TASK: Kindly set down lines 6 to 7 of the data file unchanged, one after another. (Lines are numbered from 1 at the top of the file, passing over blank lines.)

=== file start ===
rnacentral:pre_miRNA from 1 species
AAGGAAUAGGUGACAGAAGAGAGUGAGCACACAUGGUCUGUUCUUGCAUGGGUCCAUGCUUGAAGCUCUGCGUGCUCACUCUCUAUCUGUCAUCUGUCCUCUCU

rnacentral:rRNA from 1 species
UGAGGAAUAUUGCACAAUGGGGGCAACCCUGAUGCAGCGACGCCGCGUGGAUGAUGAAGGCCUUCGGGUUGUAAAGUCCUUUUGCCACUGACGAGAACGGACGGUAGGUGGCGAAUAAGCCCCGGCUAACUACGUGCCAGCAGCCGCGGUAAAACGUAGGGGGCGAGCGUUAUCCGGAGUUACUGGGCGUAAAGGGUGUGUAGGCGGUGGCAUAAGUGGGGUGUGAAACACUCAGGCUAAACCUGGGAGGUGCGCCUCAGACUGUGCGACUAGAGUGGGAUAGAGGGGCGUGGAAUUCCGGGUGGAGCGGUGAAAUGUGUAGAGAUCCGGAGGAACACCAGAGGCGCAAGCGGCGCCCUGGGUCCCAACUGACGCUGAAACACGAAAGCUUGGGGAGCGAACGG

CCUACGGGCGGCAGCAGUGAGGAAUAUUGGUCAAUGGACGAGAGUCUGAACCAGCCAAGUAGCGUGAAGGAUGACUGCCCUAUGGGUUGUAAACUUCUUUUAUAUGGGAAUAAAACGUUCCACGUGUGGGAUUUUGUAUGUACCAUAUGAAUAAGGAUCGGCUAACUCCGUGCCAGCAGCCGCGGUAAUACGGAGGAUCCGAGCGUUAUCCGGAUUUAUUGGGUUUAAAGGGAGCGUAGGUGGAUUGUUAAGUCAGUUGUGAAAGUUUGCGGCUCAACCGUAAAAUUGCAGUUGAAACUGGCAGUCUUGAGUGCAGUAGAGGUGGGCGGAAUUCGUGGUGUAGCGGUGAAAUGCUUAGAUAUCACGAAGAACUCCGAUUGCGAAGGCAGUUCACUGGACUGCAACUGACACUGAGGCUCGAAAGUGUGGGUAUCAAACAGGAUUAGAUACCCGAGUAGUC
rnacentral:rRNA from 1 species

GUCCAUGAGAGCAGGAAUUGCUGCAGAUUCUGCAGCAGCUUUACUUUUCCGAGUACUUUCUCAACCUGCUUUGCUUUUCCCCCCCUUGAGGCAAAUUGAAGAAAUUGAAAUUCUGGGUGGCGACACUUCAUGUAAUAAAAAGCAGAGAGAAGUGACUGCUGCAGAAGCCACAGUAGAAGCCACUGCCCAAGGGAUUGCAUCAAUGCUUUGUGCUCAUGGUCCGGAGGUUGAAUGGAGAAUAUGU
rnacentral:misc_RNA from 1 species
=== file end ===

rnacentral:rRNA from 1 species

GUCCAUGAGAGCAGGAAUUGCUGCAGAUUCUGCAGCAGCUUUACUUUUCCGAGUACUUUCUCAACCUGCUUUGCUUUUCCCCCCCUUGAGGCAAAUUGAAGAAAUUGAAAUUCUGGGUGGCGACACUUCAUGUAAUAAAAAGCAGAGAGAAGUGACUGCUGCAGAAGCCACAGUAGAAGCCACUGCCCAAGGGAUUGCAUCAAUGCUUUGUGCUCAUGGUCCGGAGGUUGAAUGGAGAAUAUGU